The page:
One wonders how many kids return home from sports practices or from play in the backyard with elevated BG that makes it seem they didn’t take enough insulin hours earlier, when in reality the insulin taken may have been adequate. Or they may assume too much carbohydrate was ingested in the last meal. Many parents and active children and youth are perplexed by the unexpected rise in BG. They may search for answers that have little to do with the cause of the rise in BG: vigorous exercise!  Hopefully, this information will help those with T1DM enjoy exercise more fully, experience fewer highs and lows from exercise, and improve BG control (A1c readings).

What adjustments can I make in insulin and diet to improve my BG readings?

  1. Anyone with T1DM who exercises regularly is more likely to achieve effective BG control by monitoring BG more frequently. Checking BG before and after exercise is essential.
  2. If playing a vigorous sport or game such as basketball or soccer or a vigorous aerobic activity such as hard running or swimming, consume no additional carbohydrate before exercise unless you are hypoglycemic. Do NOT reduce insulin as you might for moderate intensity exercise. Initially, that may be hard to do. To feel safe, during a practice sport session, stop midway and check BG. Chances are that it will be elevated somewhat or will not have changed much in comparison with the pre-exercise level. If it is below 100 mg/dL, ingest a small amount of carbohydrate (CHO); perhaps just 5 or 10 grams, which is equivalent to about one or two glucose tablets. Check BG at the completion of exercise, and you are likely to find that BG rose during the session or remained about the same. This all seems counter-intuitive, but a number of studies show this is the typical response to strenuous physical exertion in those with T1DM.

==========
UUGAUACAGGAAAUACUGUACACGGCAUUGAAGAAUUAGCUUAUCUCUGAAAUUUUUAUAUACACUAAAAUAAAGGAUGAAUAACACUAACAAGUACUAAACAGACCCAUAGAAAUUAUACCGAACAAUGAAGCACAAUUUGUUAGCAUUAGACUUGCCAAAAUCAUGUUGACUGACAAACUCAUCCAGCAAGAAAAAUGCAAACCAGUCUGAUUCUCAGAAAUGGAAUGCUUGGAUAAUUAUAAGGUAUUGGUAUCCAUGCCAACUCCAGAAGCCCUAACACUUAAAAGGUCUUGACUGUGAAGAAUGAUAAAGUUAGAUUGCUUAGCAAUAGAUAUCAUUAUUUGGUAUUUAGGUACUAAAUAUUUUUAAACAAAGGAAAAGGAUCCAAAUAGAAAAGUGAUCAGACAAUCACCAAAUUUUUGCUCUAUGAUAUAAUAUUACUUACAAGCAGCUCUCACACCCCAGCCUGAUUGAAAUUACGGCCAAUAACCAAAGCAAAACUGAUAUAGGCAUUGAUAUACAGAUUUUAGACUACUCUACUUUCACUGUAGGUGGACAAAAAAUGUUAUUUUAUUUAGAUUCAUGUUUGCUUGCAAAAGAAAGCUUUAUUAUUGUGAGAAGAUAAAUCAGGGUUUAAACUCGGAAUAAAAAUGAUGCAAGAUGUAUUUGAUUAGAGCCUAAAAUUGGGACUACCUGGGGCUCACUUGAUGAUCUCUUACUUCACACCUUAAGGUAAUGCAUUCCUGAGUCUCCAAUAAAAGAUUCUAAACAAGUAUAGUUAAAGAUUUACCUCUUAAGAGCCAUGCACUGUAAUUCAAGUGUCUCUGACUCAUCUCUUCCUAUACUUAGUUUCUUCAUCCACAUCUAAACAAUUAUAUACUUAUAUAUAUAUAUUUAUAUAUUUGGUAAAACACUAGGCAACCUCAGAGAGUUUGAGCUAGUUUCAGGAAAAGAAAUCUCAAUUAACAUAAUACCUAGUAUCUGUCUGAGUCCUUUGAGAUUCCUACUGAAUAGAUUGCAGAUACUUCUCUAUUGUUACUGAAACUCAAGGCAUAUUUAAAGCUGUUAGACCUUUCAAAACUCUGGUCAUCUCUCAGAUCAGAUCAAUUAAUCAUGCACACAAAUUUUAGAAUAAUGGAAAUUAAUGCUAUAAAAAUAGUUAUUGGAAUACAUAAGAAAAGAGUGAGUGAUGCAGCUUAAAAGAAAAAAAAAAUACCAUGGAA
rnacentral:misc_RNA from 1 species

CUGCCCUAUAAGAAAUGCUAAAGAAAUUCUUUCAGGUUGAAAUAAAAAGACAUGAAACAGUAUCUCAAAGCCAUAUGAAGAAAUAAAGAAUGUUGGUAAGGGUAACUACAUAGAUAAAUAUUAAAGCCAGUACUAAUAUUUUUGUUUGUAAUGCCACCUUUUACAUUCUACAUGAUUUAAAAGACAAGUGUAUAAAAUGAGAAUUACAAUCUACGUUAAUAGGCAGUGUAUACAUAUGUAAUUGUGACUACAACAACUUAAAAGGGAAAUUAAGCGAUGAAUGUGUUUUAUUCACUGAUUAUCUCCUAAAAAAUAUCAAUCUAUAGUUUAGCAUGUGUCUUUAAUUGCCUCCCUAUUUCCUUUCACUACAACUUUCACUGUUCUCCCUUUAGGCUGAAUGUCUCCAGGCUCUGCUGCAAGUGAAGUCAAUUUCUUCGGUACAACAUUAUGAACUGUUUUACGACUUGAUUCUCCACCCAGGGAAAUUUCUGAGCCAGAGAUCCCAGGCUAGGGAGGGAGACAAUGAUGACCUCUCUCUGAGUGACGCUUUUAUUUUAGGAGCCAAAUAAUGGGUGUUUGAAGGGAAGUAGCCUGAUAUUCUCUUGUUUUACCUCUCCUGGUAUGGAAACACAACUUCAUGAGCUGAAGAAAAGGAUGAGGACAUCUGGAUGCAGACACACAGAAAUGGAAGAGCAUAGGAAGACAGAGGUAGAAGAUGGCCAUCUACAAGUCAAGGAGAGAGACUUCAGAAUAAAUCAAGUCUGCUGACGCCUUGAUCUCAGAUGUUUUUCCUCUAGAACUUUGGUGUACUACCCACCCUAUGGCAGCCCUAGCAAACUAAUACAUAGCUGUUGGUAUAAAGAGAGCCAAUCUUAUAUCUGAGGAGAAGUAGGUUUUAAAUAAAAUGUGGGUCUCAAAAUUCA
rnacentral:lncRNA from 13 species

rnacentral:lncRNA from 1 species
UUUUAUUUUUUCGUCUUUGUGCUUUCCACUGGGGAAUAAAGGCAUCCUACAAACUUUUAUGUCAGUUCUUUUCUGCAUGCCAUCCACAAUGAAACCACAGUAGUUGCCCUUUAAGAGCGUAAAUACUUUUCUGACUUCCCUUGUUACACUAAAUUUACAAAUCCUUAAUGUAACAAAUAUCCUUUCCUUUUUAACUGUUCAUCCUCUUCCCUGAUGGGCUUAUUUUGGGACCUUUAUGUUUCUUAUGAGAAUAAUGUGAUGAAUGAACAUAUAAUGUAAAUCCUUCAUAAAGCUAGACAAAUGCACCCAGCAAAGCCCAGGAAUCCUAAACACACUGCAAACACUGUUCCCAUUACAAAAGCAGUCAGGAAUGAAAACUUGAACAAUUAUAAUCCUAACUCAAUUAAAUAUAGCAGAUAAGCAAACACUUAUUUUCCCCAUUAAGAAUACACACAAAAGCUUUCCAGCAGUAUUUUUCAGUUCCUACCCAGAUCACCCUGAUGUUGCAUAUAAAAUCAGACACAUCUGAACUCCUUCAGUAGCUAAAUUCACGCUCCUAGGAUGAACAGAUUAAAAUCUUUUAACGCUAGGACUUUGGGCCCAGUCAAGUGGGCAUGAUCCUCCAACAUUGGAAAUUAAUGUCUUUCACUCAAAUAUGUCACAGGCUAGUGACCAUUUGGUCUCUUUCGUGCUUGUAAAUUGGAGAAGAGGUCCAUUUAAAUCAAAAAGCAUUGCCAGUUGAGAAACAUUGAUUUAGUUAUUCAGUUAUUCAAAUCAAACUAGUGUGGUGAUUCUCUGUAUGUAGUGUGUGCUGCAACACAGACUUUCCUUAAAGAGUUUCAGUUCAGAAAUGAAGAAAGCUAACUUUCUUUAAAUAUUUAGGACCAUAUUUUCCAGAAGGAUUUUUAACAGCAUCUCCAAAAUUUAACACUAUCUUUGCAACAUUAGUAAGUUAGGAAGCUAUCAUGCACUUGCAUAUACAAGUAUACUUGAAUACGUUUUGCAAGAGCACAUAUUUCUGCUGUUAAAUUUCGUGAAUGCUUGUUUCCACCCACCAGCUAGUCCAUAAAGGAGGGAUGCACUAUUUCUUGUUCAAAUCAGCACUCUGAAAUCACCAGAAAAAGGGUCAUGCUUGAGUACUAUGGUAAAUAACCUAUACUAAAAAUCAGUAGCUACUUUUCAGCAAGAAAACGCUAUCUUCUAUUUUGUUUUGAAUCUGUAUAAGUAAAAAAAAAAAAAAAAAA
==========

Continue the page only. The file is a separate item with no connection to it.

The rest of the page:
3. If exerting at a moderate pace, such as casual walking or well below what seems strenuous to you, ingest 15 to 20 grams of CHO before beginning. Check BG every 30 minutes to see if additional CHO is needed. This guideline assumes that no insulin was administered for 2 to 3 hours before exercise. If you use an insulin pump, then reduce the drip rate to half of what you normally use. If your BG consistently drops below about 80 mg/dL, then try several moderate exercise sessions with the pump turned off during the exercise period.
  4. If doing a new type of workout or form of exercise that is likely to be strenuous, check BG before, midway, and after exercise. For safety’s sake, ingest about 10 grams of CHO before starting to give you a protective cushion. Otherwise, you may not be able to enjoy the new exercise session because you’ll be worried about your BG. If the intensity reached 80% or so of your maximum capacity, then your BG will likely have increased.

Take-Home Message

Vigorous exercise stimulates your adrenal and other endocrine glands to secrete hormones that help you to perform hard work. But, they also cause your BG to rise. Therefore, you may not need CHO before such exercise and you may not need to reduce your insulin dosage.

With moderate intensity exercise, the adrenal gland is only minimally stimulated and your BG will not tend to rise with exercise. It will instead tend to drop, so a pre-exercise snack and/or a decrease in insulin dosage is typically needed.